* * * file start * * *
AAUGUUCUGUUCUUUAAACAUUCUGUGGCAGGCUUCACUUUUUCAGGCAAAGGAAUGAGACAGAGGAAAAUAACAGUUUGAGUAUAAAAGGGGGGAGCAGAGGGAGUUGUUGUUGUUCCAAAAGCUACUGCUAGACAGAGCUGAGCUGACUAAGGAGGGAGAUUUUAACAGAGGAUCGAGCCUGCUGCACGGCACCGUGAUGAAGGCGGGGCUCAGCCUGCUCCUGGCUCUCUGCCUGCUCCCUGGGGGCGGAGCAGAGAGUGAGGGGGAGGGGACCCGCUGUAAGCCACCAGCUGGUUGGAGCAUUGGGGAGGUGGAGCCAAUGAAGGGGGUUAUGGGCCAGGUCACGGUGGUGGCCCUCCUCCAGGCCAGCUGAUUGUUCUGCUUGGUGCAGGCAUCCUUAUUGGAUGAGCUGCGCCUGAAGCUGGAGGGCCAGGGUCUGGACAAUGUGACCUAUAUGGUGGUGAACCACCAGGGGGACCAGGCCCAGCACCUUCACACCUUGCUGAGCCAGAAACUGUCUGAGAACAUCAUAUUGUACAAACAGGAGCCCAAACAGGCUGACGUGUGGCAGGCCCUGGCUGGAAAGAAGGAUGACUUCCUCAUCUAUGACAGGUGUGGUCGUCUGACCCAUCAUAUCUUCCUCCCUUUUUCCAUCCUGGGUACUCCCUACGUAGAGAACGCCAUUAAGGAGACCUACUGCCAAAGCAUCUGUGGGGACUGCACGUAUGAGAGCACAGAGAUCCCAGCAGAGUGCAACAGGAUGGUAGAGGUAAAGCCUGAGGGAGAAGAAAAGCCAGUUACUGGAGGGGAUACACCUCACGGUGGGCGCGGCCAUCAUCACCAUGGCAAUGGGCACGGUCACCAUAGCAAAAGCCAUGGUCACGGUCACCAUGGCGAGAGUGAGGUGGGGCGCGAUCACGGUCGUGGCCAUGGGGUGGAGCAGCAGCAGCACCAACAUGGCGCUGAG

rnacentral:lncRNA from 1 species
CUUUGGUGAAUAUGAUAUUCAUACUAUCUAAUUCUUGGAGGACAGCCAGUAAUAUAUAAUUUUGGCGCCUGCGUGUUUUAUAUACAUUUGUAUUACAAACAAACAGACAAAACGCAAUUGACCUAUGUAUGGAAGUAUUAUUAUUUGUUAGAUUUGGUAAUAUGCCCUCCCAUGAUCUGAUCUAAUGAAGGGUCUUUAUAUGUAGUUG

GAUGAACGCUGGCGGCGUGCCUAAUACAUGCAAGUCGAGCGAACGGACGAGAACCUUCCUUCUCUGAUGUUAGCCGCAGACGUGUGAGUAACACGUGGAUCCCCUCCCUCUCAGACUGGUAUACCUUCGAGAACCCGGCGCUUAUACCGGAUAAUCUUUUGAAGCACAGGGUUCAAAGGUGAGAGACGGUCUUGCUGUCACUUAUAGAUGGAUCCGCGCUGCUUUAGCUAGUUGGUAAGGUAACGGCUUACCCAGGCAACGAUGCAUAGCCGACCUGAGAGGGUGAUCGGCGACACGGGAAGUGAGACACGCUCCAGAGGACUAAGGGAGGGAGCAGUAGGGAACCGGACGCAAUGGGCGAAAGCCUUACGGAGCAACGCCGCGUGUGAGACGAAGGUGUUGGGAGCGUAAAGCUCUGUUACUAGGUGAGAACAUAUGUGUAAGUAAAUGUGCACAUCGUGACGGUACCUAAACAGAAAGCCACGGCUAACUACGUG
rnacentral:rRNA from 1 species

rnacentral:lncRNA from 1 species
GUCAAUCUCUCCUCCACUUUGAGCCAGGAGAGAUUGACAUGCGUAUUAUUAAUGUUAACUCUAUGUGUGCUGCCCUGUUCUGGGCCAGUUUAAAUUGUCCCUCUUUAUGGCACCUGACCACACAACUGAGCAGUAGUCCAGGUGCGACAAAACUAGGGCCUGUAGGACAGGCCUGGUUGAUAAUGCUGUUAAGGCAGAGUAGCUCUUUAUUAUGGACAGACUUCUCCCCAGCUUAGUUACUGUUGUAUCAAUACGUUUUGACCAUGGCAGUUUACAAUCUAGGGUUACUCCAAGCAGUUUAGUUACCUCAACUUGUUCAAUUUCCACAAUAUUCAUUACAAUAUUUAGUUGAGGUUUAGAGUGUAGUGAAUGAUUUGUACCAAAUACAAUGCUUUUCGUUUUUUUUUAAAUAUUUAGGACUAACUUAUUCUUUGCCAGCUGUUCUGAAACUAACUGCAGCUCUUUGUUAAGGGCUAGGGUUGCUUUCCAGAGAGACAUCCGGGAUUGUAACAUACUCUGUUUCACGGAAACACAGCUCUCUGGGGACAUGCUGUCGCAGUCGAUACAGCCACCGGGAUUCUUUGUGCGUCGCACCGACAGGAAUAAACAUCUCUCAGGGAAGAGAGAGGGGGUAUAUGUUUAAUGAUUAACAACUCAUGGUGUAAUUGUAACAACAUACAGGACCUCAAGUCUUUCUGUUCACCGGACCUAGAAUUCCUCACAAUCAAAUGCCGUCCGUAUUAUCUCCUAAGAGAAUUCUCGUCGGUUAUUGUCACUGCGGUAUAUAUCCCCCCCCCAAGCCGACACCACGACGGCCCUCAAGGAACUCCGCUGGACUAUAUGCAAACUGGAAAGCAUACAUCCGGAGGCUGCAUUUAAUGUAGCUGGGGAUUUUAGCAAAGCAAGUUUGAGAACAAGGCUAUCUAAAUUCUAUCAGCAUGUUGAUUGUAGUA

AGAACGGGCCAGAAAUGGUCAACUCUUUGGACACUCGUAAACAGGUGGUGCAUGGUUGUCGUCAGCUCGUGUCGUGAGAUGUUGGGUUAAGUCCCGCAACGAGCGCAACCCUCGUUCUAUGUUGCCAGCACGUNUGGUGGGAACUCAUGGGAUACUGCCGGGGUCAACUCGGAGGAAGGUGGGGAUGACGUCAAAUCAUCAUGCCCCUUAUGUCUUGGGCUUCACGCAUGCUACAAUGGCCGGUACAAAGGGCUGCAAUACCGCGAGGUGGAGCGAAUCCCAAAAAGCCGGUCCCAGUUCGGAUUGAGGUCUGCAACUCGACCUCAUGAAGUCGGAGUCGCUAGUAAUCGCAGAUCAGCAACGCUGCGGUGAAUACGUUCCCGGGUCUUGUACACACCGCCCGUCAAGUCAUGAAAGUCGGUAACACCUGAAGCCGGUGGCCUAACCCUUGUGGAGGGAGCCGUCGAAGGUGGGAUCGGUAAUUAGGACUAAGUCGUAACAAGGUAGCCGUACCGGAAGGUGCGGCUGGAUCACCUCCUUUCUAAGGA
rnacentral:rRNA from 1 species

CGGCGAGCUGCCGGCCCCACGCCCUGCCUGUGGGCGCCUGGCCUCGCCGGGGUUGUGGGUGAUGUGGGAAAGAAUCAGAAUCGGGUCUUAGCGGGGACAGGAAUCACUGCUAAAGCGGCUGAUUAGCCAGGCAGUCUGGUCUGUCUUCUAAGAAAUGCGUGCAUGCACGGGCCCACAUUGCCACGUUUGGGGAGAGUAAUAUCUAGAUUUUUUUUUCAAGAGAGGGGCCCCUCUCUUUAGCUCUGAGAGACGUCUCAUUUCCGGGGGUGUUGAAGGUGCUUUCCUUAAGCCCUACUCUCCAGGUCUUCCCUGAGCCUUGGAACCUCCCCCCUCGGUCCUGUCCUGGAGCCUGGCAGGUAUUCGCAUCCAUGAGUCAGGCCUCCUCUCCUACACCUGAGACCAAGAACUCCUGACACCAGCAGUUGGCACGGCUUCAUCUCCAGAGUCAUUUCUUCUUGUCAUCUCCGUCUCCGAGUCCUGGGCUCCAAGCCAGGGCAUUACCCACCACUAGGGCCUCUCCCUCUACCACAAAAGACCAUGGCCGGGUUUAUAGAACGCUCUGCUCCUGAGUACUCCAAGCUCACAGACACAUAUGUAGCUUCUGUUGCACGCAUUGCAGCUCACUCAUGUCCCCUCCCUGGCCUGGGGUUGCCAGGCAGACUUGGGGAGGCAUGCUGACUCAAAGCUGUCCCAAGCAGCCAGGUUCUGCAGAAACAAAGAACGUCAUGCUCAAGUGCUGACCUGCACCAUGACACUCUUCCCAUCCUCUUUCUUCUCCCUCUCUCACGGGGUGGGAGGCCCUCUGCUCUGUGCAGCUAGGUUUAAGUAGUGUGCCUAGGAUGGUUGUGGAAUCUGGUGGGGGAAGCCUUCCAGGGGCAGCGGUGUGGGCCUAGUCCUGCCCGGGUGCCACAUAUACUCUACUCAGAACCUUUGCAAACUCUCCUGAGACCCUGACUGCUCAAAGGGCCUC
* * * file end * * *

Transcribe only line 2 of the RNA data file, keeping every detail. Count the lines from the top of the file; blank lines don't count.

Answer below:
rnacentral:lncRNA from 1 species